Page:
Drones equipped with night-vision capabilities and directional microphones could stretch the “in plain sight” doctrine to an absurd degree.

What can individuals do to defend themselves against unlawful trespass? Many states are trying to get in the game and create their own regulatory framework. In California, existing law provides that a person is subject to civil and criminal liability for constructive invasion of privacy when the person attempts to capture, in a manner that is offensive to a reasonable person, any type of visual image, sound recording, or other physical impression of another person engaged in confidential communications or activity involving a reasonable expectation of privacy, through the use of a visual or auditory enhancing device.

On August 27, 2013 the California Senate passed SB15. It provides that engaging in these prohibited activities through the use of an unmanned aircraft system is included within the prohibitions. The Bill additionally requires that local agencies provide reasonable public notice regarding the acquisition of an unmanned aircraft system and requires that these agencies paint or label the UAS in a way that provides high visibility. The Bill further requires a warrant for data collection and the destruction of said data after one year. (The Bill also makes it a crime to equip a UAS with a weapon).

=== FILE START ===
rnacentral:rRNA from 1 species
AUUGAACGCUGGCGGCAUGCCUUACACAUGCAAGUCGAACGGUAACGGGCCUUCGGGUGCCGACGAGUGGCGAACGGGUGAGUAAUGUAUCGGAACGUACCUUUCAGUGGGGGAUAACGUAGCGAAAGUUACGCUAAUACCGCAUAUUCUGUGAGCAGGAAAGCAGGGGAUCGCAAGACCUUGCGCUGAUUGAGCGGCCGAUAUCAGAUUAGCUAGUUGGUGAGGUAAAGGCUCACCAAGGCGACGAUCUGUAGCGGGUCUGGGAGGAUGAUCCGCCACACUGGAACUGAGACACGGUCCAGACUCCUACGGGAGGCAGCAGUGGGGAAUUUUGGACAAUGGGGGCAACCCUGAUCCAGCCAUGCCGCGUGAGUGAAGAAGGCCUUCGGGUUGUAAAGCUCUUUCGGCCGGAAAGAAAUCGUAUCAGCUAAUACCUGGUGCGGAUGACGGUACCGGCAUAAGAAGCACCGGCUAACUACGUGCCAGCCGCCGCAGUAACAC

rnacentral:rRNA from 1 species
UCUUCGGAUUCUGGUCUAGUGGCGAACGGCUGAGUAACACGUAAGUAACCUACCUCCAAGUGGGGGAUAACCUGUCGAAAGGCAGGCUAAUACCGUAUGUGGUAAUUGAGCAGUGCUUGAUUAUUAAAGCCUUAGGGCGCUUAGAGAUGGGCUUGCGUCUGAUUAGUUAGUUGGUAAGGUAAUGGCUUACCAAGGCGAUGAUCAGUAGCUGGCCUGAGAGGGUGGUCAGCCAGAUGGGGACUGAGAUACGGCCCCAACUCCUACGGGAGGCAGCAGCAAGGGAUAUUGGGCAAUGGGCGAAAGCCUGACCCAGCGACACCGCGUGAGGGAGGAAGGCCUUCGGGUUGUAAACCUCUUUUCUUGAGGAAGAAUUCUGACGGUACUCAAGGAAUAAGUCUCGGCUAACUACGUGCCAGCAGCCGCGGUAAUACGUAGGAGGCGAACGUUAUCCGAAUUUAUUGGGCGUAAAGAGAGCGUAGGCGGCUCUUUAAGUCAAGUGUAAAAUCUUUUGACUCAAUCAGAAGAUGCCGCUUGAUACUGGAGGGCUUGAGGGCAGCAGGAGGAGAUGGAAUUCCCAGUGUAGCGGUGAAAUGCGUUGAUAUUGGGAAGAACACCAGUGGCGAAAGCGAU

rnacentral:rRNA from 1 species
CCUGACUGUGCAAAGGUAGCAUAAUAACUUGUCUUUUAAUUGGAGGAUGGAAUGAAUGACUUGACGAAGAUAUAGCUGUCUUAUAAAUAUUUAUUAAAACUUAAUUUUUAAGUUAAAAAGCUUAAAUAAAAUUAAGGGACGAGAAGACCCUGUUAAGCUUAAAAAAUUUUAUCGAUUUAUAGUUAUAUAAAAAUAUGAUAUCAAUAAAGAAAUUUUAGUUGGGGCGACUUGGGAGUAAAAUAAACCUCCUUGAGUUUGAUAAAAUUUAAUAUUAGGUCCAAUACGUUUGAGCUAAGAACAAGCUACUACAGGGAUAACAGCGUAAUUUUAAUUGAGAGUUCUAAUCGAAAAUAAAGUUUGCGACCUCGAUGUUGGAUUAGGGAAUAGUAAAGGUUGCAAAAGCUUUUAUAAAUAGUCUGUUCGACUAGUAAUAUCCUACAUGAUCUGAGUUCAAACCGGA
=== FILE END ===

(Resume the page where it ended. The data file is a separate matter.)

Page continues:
Nonpublic entity operations require a special airworthiness certificate in the experimental category to operate their air vehicles, a status that prohibits them from being used commercially. Restricted category certification under the Federal Aviation Regulations is for “special purpose operations” and allows for commercial uses such as aerial surveying.

On July 19, 2013 the FAA issued restricted category type certificates to two UAS that both weigh under 55 pounds and are roughly 4.5 feet long with wingspans roughly 10 feet. The FAA stated that previous military acceptance of the Insitu’s Scan Eagle X200 (energy companies using to patrol Alaskan coast to inspect ice floes and migrating whales in petroleum exploration areas) and the AeroVironment’s Puma (support oil spill emergency response-crews and watch over wildlife in the Beaufort Sea) supported their certification process


Model aircraft operations below 400 feet (AGL), away from populated areas are essentially unregulated.  FAA Advisory Circular 91-57, dated June 9, 1981, operations states, “This AC outlines, and encourages voluntary compliance, safety standards for model aircraft operators.”